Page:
Teaching is also straightforward. Some grad schools require a great deal of teaching of their students. Others do not. Either way, don't expect your past experience to carry you. Go out and get as many guest lectures as you can. They're good for making connections and they keep you fresh. They also show a search committee that you're doing more than just showing up.

Service is the pickle of postdoctoral fellows. You might be able to get some experience here by working with your university's postdoctoral association (if possible). You can also get experience by offering to be a reviewer for journals or serving on grant panels. For instance, in the US, NASA selection panels can include suitably trained foreigners. Serving on such panels not only provides evidence of service, but it gives you insight into how the granting process works so that your proposals can be correspondingly stronger.

I feel that volunteering to do Education and Public Outreach can also help your case here. There are many groups who are always looking for good speakers. Why not share some of what makes you passionate about your work with them? It feels great and it will help you to break down the theory and experience that you have as an expert into arguments that can be understood by all.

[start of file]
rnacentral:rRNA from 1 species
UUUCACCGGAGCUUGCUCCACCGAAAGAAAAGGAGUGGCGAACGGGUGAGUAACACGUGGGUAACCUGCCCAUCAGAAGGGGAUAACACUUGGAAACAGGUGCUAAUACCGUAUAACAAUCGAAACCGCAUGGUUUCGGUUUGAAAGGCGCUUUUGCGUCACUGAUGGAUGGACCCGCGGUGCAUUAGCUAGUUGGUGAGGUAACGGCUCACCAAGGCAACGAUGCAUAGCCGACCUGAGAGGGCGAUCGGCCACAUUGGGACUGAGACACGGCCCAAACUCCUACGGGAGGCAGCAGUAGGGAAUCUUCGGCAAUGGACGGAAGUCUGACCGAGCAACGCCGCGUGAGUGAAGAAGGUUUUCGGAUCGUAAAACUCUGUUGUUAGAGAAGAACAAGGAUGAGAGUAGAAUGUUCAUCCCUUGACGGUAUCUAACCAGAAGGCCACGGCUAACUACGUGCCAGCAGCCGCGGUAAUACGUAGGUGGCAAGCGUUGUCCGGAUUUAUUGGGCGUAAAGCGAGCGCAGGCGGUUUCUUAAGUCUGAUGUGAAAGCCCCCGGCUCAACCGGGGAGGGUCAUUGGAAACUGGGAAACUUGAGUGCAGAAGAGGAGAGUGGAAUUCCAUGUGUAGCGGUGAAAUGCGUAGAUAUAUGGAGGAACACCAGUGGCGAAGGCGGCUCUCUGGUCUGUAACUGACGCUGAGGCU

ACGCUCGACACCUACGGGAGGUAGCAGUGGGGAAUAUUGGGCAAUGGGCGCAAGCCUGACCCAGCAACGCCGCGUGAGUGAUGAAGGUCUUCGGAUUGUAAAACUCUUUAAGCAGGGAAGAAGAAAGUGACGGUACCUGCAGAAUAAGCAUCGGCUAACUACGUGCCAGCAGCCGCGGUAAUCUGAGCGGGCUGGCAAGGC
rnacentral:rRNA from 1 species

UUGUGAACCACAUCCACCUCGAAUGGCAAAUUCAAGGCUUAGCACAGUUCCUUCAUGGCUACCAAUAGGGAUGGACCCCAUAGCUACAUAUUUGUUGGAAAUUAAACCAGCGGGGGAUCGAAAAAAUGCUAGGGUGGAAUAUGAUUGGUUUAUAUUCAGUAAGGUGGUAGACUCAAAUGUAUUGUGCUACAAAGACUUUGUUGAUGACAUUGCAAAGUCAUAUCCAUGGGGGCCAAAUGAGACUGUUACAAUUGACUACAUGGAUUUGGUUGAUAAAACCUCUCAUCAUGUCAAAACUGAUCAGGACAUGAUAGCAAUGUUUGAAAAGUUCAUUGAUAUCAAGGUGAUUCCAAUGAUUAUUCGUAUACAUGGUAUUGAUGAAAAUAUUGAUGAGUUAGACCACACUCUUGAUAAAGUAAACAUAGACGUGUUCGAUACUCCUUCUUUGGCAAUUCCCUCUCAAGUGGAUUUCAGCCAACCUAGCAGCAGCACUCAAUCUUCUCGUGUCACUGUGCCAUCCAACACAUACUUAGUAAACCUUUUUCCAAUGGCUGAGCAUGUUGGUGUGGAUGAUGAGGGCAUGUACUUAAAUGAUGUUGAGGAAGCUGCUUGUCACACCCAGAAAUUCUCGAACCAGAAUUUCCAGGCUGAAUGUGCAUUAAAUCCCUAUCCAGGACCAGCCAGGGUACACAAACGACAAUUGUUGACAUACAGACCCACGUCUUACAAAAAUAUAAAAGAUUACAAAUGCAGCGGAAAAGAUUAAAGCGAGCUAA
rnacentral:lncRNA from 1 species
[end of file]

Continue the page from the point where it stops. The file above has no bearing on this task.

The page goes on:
STEP THREE: Develop your "soft" skills.

This goes hand-in-hand with step 2. In a job interview you need to be able to do a couple of things:

(1) Sell yourself - you need to be able to provide plausible arguments for why you are a good choice for the position.
(2) Prove your ability to teach
(3) Demonstrate your competence at research

It's also helpful to network so that you remain aware of positions. The position I ultimately succeeded in acquiring did not come across in my usual searching - I was notified by someone who had seen it and chose to pass it along. While it's true that your soft skills will not, in general, help you to get short-listed, they can make sure that when you do you will shine. In my case, Lassonde was my 36th application. But that fraction of success improves greatly if you consider only interviews - this was my first.

STEP FOUR: Take risks.